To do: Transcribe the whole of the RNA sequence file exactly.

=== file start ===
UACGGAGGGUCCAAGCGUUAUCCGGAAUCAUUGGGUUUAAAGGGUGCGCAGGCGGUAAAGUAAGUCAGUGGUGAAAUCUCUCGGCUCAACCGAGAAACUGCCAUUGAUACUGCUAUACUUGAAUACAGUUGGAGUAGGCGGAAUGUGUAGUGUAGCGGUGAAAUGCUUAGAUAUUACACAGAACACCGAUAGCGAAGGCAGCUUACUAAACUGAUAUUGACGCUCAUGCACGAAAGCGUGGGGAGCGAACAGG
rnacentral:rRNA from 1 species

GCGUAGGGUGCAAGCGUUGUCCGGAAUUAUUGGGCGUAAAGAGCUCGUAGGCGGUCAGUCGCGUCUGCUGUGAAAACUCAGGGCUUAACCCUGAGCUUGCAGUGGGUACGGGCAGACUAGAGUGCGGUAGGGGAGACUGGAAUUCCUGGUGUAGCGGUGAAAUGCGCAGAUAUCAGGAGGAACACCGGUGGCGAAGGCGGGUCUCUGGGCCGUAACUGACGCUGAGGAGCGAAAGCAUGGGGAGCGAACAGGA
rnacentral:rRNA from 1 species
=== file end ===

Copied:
UACGGAGGGUCCAAGCGUUAUCCGGAAUCAUUGGGUUUAAAGGGUGCGCAGGCGGUAAAGUAAGUCAGUGGUGAAAUCUCUCGGCUCAACCGAGAAACUGCCAUUGAUACUGCUAUACUUGAAUACAGUUGGAGUAGGCGGAAUGUGUAGUGUAGCGGUGAAAUGCUUAGAUAUUACACAGAACACCGAUAGCGAAGGCAGCUUACUAAACUGAUAUUGACGCUCAUGCACGAAAGCGUGGGGAGCGAACAGG
rnacentral:rRNA from 1 species

GCGUAGGGUGCAAGCGUUGUCCGGAAUUAUUGGGCGUAAAGAGCUCGUAGGCGGUCAGUCGCGUCUGCUGUGAAAACUCAGGGCUUAACCCUGAGCUUGCAGUGGGUACGGGCAGACUAGAGUGCGGUAGGGGAGACUGGAAUUCCUGGUGUAGCGGUGAAAUGCGCAGAUAUCAGGAGGAACACCGGUGGCGAAGGCGGGUCUCUGGGCCGUAACUGACGCUGAGGAGCGAAAGCAUGGGGAGCGAACAGGA
rnacentral:rRNA from 1 species